What is rhyme scheme?
A rhyme scheme is found in poetry (and in songs). It is a pattern of rhyme that is used, with similar sounds found at the end of lines grouped together.
[A rhyme scheme is] the pattern of end rhymes or lines. A rhyme scheme gives the scheme of the rhyme; a regular pattern of rhyming words in a poem (the end words).
The rhyme found at the end of lines can be seen in the following example from Shakespeare's Sonnet 29:
For thy sweet love remembered such wealth brings
That then I scorn to change my state with kings.
Sounds are assigned letters. One sound is assigned an A; when a new sound at the end of a line is introduced, it is given a B. If a sound is repeated in two subsequent lines at the start of the poem, the duplicated sounds are shown as AA.
In a poem where the first and third lines rhyme and the second and fourth lines rhyme, it is "charted" as ABAB, also as seen in Sonnet 29:
When in disgrace with Fortune and men's eyes,
I all alone beweep my outcast state,
And trouble deaf heaven with my bootless cries,
And look upon myself and curse my fate,
"Eyes" and "cries" rhyme, and "state" and "fate" rhyme—they have the same sound. This is a popular rhyme scheme—charted, as mentioned, as ABAB.
Another popular rhyme scheme is seen with ABCB. Refer to the stanza (four-line section) below from Samuel Taylor Coleridge's epic (long) poem The Rime of the Ancient Mariner:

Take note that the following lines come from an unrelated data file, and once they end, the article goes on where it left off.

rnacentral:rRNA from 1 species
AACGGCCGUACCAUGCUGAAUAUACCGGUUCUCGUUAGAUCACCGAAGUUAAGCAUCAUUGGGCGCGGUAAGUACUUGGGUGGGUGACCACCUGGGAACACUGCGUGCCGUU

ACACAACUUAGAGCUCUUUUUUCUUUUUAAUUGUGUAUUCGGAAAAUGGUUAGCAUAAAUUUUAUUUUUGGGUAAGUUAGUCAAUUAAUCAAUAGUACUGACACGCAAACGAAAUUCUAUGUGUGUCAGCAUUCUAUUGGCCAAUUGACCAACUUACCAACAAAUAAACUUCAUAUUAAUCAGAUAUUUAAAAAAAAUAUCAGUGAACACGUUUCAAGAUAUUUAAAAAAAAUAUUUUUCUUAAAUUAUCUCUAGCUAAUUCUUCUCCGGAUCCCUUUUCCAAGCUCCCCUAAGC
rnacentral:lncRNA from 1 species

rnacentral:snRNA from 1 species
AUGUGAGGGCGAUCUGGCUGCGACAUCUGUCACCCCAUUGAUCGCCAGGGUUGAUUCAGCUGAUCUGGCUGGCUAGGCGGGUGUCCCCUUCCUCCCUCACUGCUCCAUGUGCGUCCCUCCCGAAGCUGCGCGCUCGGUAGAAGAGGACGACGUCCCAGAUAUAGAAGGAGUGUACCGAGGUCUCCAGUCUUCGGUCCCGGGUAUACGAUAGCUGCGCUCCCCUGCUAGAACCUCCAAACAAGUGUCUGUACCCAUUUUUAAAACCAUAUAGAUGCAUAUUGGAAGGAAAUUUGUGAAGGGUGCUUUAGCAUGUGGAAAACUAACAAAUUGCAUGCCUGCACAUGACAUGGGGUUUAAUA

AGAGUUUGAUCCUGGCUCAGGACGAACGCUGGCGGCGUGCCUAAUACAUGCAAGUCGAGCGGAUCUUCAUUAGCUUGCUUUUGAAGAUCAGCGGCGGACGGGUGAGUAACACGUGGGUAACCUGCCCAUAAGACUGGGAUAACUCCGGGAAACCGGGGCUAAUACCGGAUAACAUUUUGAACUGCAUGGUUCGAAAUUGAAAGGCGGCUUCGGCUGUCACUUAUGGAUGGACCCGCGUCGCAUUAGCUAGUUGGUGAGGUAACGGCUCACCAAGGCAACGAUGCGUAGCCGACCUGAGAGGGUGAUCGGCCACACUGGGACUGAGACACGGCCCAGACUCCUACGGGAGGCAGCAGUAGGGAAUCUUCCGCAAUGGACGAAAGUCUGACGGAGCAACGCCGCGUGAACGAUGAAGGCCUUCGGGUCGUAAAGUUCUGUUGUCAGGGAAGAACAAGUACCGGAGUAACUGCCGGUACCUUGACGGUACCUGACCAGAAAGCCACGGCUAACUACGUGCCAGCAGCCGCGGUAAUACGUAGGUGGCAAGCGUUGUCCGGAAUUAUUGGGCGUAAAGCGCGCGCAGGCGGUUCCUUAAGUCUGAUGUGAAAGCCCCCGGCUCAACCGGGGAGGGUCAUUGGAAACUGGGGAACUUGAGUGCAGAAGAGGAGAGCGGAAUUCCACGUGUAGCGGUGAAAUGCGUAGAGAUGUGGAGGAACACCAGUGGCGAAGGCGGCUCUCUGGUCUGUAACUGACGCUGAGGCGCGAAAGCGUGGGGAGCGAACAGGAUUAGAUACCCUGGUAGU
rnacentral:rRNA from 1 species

The ice was here, the ice was there,
The ice was all around:
It cracked and growled, and roared and howled,
Like noises in a swound! (58-61)
With this example, "there" (A) and "howled" (C) do not rhyme (and are given different letters to reflect the different sounds), but "around" (B) and "swound" (B) do rhyme, and the rhyming pattern of this stanza is written as ABCB.
Poetry is very much like music. A variety of literary devices can create a musical quality in a poem. One of these devices is found in the end rhyme of a group of lines, where a pattern of rhyme has been followed by the author. This is the rhyme scheme—the rhyming pattern that the author uses in writing his poem.
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